Democrat File Photo
THIS REVELER WAS one of thousands who enjoyed the annual unofficial Woodstock reunions that used to be held at Roy Howard and Jeryl Abramson’s property on Route 17B in Bethel.
County's Most Famous Couple Moves Westward
By Dan Hust
BETHEL August 17, 2007 After 22 years of ownership, Roy Howard, Jeryl Abramson, and their 14-year-old son Zach are headed to Phoenix, Arizona.
Their Bethel property including a 2,000-square-foot circa-1940 home, a 5,000-square-foot farmhouse built in 1876 and a 7,000-square-foot barn is up for sale for a cool $8 million.
And Abramson, for one, isn’t looking back.
“Without the reunions, there’s nothing really keeping us here,” she remarked Monday, hours before she and Zach were scheduled to wing their way southwest.
Abramson was referring to the Woodstock-themed gatherings held at her property virtually every August for the past decade, where people the world over could come to celebrate 1969’s iconic three days of peace, love and music.
While the actual rock festival was held about two miles away on Hurd Road, Howard and Abramson have owned the late Max Yasgur’s farm on Route 17B in Bethel since 1985.
Yasgur, one of Sullivan County’s most successful and innovative dairy farmers, gained fame and adoration when he leased his 37.5-acre alfalfa field on Hurd Road to Woodstock organizers and even more adulation when he affectionately addressed the half-million people who showed up August 15-17, 1969.
This week, during Woodstock’s 38th anniversary, visitors to the festival site will be greeted by the manicured lawns and copper-roofed pavilions of the Bethel Woods Center for the Arts, billionaire Alan Gerry’s gift to his home county.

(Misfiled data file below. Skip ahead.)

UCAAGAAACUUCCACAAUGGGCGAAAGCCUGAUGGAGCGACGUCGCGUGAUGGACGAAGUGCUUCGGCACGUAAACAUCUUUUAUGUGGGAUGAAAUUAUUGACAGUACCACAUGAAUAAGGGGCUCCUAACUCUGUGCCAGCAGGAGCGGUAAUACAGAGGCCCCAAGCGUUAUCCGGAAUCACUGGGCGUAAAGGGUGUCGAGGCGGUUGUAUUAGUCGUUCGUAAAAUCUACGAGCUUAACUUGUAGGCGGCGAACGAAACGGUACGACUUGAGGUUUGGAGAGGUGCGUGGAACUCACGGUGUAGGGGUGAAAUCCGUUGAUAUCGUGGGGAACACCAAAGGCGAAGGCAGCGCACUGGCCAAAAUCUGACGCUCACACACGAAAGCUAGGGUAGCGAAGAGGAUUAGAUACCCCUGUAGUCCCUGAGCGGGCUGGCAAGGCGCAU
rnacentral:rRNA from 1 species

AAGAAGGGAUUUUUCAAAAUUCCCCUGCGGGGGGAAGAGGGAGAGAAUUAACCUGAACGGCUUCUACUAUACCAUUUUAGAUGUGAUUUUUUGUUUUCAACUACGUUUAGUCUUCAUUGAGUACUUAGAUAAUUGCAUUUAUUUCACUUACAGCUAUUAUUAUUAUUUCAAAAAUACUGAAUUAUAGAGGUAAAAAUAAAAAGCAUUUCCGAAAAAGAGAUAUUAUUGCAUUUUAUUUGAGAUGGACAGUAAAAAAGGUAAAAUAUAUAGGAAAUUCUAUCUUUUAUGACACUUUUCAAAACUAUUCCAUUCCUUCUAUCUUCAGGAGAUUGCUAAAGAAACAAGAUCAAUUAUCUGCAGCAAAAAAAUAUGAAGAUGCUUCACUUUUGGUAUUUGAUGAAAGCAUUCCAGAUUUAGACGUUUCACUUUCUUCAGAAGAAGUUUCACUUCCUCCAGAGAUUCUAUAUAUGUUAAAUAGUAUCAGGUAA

Woodstock originals Arlo Guthrie and Richie Havens will be playing the 16,500-seat main pavilion tonight, which is the only way anyone will be allowed on the festival field (short of the historical monument off West Shore Road).
But over on 17B, Howard and Abramson’s 103 acres will be quiet, a notable departure from years past, when thousands of people would come to socialize with people they considered family, hawk their wares, play every genre of music and, yes, sometimes participate in drugs, sex and rock ‘n’ roll. It was the closest re-creation to Woodstock one could get in the area.
Town officials always viewed it dimly, however, worried about lawsuits, crime, neighbors’ complaints and permitless concerts similar to their approach way back in 1969.
After years of wrangling, they won, successfully preventing Howard and Abramson from holding any more events without permits. Howard and Abramson sued, citing discrimination, but a federal judge disagreed.
For Abramson and Howard, already disillusioned with local politics, it was the last straw.
“There are Woodstock reunions all over the world, except in Bethel,” lamented Abramson. “The only people who don’t truly recognize the significance of Woodstock are the people who live in Bethel.”
“We basically kept it [Woodstock] alive,” added Howard.
But with a large home in an upscale neighborhood and Zach in a good school, Phoenix has already become home to the family for the past year.
Howard said he plans to sell the rest of his property in the Monticello area, as well save for Tilly’s Diner, a ’50s-styled restaurant near 17B and 17.
And while the $8 million price tag on his longtime home has raised some local eyebrows, there’s little doubt Yasgur’s old farm will soon sport a “Sold” sign.
With it will go another piece of Sullivan County history and some of the last traces of Woodstock’s (and Roy and Jeryl’s) free-spirited nature.